Both the egg and flesh of the cahow are edible, and since it is in the habit of pottering about on the ground at night and, moreover, is utterly fearless of man and other mammals ( Bermuda, like almost all oceanic islands, has no native mammals save for a few bats), it was virtually exterminated by 1630, presumably by droves of hogs, which the Spanish customarily put ashore "for increase," and by the English colonists who arrived in 1609.

The cahow was generally considered extinct up to the present century, and it would, in fact, have died out by about 2000 A.D. but for the solicitude of a remarkable young man named David Wingate. Wingate, who is 33, is Bermuda's conservation officer, the island's only resident ornithologist—of the 300 or so birds on the Bermuda checklist, more than 50 were first sighted by him—and the cahow's savior. For the past 10 years Wingate has devoted much of his life to keeping the cahow alive, spending innumerable sleepless nights in the field, but, as a friend has reminded him, if you're going to play God you have to keep God's hours. Not only is the cahow dependent upon Wingate; in a way Wingate is dependent upon the cahow, for the bird has given his life an ennobling purpose. "I can't afford to die," he said recently. "What would the cahows do?"

However, more is at stake here than the preservation of what the early English chroniclers called a "silly Bird." No sooner had Wingate laboriously built up the tiny colony than it was faced with a new and insidious threat: in recent years the cahow has become contaminated with residues of DDT and, as a likely result, its reproduction rate has been declining. If the decline continues at its present rate, reproduction will fail completely by 1978 regardless of what a thousand Wingates might achieve. The extirpation of this silly bird after its astonishing survival would be exceedingly poignant, yet in itself hardly calamitous to man. But Wingate correlates the cahow with the canary, whose death alerts miners to the presence of poisonous gases in the mine. Indeed, if man persists in wantonly degrading his environment, he may well find himself in "the selfe same perill and danger."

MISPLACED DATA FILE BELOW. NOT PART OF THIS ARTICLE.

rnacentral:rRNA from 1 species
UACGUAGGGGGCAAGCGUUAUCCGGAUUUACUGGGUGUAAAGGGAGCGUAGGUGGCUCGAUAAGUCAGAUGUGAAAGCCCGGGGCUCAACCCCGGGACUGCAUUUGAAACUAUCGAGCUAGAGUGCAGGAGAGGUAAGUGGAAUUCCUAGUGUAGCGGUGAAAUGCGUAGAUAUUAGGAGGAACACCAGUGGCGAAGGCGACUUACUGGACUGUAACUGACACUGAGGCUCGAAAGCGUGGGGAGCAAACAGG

The cahow is one of about 75 species of petrels, all of which are pelagic, coming ashore only to breed. (Petrel is probably derived from Peter; some petrels appear to walk on the water, a feat attributed to the disciple.) The most familiar is Wilson's petrel, or Mother Carey's chicken, a dainty little bird which is inclined to follow ships far at sea and is reputedly the most populous sea bird in the world. The cahow is roughly the size of a pigeon, but has a wingspread of 35 inches. Its scientific name is Pterodroma cahow. Pterodroma is Greek for rapid wing, and cahow (which rhymes with allow) is a phonetic approximation of the call the bird makes in its aerial courtship.

To a degree, the cahow's awful call note—most often heard on the dark and windy nights it favors for wooing—determined that England rather than Spain colonized Bermuda. The Spanish believed that Bermuda was inhabited by demons and they avoided it. One of the earliest mentions of the cahow is by a fearful Spaniard, Captain Diego Ramirez, whose galleon was driven ashore by a storm in 1603: